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Spokane, Washington  Est. May 19, 1883
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The ripple effect: Veteran defying the recession

Stacia Douglas finding stability, prosperity as a VA employee and patient

Stacia Douglas’ new job at the VA has allowed her to buy a house in north Spokane. “It’s been a phenomenal year,” says Douglas, with her daughter, Amaya,  8. (Dan Pelle / The Spokesman-Review)
Stacia Douglas’ new job at the VA has allowed her to buy a house in north Spokane. “It’s been a phenomenal year,” says Douglas, with her daughter, Amaya, 8. (Dan Pelle / The Spokesman-Review)

Even in a recession, times are good for some people. Stacia Douglas is happy to be swimming against the current.

Several months into a new job at Spokane’s VA Medical Center, Douglas is happy that she’s been able to buy a home and move out of the trailer where she had been living with her daughter. She’s feeling better about herself after getting counseling for issues that have dogged her for years, and has been able to expand the range of conveniences in her life – getting DirecTV instead of picking up broadcast channels, upgrading to high-speed Internet.

“It’s been a phenomenal year,” said Douglas, a 40-year-old Spokane single mother and Marine Corps veteran.

Her good fortune reflects certain realities of the economy at large. For one thing, federal employment is considered among the most recession-proof corners of the job market. Hiring at Spokane’s VA center has been particularly robust, doubling to more than 800 positions in the past several years as services have been added in rural areas and for veterans returning from Iraq and Afghanistan.

In addition, the economic stimulus package included significant help for first-time homebuyers like Douglas – who used the $8,000 tax credit from her new $150,000 home purchase on Spokane’s North Side to make improvements.

In her job as the executive secretary to the chief of staff at the VA center, Douglas is connected, directly and indirectly, to thousands of veterans who come there for medical care. One of those people is Jerry Horton, a Coeur d’Alene man who was living on the streets until January, and who was profiled in The Spokesman-Review in the last installment of this series.

Despite the good fortune of the past year, Douglas retains some of the frugal practices she’s followed for years – partly out of habit and partly in response to the economic woes she sees around her. She sticks to regular coffee instead of espresso drinks. She stays home more than she used to, and has friends over. She economized for her daughter’s recent birthday party with a Costco cake.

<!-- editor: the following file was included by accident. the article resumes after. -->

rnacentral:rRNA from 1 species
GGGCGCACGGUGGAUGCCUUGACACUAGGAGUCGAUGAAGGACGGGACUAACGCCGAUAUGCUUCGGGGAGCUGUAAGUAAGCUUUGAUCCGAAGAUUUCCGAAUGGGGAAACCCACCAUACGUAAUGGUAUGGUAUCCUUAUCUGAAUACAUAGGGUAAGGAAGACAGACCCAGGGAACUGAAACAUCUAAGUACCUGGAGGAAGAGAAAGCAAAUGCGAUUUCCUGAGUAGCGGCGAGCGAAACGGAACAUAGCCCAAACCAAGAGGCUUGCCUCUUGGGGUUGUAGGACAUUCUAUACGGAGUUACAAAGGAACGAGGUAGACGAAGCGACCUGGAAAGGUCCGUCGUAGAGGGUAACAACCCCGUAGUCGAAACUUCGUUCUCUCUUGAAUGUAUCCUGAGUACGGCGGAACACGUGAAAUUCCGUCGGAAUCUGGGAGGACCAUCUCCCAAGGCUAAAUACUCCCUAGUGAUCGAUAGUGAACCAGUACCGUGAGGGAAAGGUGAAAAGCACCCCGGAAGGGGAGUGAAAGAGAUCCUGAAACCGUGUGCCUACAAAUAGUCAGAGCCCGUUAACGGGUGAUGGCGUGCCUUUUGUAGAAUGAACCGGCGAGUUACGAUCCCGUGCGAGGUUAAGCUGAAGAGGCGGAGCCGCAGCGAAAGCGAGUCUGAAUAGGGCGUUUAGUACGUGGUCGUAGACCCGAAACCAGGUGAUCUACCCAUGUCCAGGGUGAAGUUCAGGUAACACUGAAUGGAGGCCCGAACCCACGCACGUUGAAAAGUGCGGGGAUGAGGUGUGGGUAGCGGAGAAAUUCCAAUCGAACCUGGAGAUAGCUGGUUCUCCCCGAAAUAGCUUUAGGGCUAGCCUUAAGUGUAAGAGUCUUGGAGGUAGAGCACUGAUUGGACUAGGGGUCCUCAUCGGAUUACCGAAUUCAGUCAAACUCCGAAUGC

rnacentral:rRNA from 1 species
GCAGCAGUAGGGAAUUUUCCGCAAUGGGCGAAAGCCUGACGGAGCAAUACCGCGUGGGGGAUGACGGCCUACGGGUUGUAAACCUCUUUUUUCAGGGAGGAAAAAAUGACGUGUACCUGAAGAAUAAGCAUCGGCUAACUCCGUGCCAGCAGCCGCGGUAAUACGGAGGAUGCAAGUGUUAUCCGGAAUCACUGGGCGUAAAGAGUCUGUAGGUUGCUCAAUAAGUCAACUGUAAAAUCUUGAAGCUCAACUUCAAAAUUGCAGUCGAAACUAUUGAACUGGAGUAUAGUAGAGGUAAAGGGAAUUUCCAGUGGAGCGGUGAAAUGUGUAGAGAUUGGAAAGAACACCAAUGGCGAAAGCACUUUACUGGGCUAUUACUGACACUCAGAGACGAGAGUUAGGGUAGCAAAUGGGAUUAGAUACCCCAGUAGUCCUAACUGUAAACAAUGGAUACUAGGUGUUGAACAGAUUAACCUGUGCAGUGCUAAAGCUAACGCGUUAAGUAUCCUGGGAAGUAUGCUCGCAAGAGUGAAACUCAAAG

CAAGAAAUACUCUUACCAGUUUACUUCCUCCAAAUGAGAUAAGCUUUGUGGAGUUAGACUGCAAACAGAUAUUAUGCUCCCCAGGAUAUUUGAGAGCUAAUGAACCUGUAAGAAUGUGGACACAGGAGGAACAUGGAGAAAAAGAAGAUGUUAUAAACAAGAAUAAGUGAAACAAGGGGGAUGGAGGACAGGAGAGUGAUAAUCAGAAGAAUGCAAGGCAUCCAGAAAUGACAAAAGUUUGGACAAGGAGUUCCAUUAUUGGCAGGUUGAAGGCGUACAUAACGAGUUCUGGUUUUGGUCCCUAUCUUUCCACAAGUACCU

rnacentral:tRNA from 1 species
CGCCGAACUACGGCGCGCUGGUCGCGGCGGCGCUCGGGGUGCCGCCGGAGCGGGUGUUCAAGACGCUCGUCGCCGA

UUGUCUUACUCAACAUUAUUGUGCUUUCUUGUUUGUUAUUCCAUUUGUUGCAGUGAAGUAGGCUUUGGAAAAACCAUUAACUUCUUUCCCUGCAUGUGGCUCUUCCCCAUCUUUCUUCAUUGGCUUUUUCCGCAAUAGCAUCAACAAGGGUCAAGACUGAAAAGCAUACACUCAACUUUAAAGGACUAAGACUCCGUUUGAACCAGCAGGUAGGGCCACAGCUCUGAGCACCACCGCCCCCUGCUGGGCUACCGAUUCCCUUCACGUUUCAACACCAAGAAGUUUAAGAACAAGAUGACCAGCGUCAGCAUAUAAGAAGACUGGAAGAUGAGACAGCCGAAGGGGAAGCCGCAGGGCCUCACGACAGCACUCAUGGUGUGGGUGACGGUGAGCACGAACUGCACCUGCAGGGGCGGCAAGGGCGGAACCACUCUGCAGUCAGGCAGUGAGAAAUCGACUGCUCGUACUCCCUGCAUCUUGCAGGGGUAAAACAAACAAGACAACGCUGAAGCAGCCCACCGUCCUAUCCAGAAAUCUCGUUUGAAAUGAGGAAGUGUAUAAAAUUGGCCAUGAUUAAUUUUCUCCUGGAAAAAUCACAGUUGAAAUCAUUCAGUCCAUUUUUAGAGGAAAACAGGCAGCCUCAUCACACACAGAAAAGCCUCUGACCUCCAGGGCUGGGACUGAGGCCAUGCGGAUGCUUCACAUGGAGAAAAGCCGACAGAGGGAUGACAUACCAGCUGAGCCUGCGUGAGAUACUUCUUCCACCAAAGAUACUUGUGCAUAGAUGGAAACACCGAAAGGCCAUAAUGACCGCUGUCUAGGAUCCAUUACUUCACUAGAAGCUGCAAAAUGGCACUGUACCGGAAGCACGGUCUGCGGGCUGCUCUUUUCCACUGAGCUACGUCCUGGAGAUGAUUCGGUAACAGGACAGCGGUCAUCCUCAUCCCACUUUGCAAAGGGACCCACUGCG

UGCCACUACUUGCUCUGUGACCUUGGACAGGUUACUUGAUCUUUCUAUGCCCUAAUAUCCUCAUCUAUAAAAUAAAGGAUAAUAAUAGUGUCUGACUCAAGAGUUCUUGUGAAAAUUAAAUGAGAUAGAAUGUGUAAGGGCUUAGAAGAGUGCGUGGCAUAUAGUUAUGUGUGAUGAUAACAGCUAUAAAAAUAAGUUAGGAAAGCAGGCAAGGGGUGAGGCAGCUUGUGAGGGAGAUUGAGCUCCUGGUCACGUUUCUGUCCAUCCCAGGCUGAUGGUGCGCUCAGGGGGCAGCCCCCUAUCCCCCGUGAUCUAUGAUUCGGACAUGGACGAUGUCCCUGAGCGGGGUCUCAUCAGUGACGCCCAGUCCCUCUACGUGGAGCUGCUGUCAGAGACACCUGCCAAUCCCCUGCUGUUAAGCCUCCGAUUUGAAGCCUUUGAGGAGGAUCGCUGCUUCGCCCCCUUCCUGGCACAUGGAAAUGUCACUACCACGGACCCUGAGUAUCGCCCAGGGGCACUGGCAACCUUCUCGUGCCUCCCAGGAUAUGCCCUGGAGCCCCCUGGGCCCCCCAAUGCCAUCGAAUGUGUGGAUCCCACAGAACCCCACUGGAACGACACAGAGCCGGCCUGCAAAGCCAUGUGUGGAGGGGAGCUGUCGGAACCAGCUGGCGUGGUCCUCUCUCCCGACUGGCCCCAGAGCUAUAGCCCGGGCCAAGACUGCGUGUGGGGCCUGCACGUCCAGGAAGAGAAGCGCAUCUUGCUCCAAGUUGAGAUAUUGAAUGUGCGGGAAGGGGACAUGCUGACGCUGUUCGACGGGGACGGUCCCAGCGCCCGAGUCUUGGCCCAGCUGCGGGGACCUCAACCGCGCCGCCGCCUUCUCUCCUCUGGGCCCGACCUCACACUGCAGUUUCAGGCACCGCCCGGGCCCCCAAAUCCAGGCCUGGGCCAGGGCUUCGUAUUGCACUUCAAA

“I’m used to it,” she said.

‘Paradigm shift’

Part of Douglas’ current satisfaction stems not from her job at the VA as much as her status as a patient there. Having served as an active-duty Marine from 1988 to 1991, and then in the reserves until 1998, she was eligible for basic health care at the center.

Once she began working there two years ago, she started seeing posters about counseling services – and that prompted her to address a problem that arose during her time in the military.

Though she doesn’t talk about it specifically, Douglas is being treated for “military sexual trauma” – a condition that follows an assault or incident of harassment of women in the armed forces. It’s a prevalent problem – 21 percent of women veterans screened for MST have it, the VA says – and it’s one of the areas the VA system is focusing on as it gears up to deal with more women veterans.

Women make up a small but rapidly growing portion of the VA patient load. In Spokane, between 2 percent and 3 percent of all patients are women, with nearly 1,500 enrolled for treatment. That’s up 26 percent since 2006, said Julie Liss, women’s program manager.

Nationwide, women make up 7.7 percent of VA patients, and their numbers are expected to increase by 17 percent by 2033.

Douglas said MST was hindering her life in many ways – she blamed herself for problems stemming from the incident and maintained bad habits and bad relationships. In the years after she left the service, she made frequent changes – going back to school, working at a domestic violence organization and as a social worker, moving briefly to England.

She started working at the VA in 2007; shortly thereafter, she entered counseling.

“It was a complete paradigm shift,” she said. “Once you start getting help, things fall into place.”

She credits that counseling with helping her get a more solid footing, emotionally and financially. In January, she was promoted to her current position – a job that brought her a significant raise, to more than $40,000 annually, and a great deal more responsibility.

That made it possible for her to move from the two-bedroom mobile home to her new North Side home, where she lives with her 8-year-old daughter. She also has a son who lives with his father in Arkansas.

The new place has three bedrooms, an office, a laundry room, hardwood floors, a patio and a garage – amenities that some might take for granted but Douglas is really enjoying.

“Right now, I’m happy. I’m in a new position and I want to master it,” she said. “I’m enjoying spending time with my daughter, working on my career and working on myself, and going to church.”

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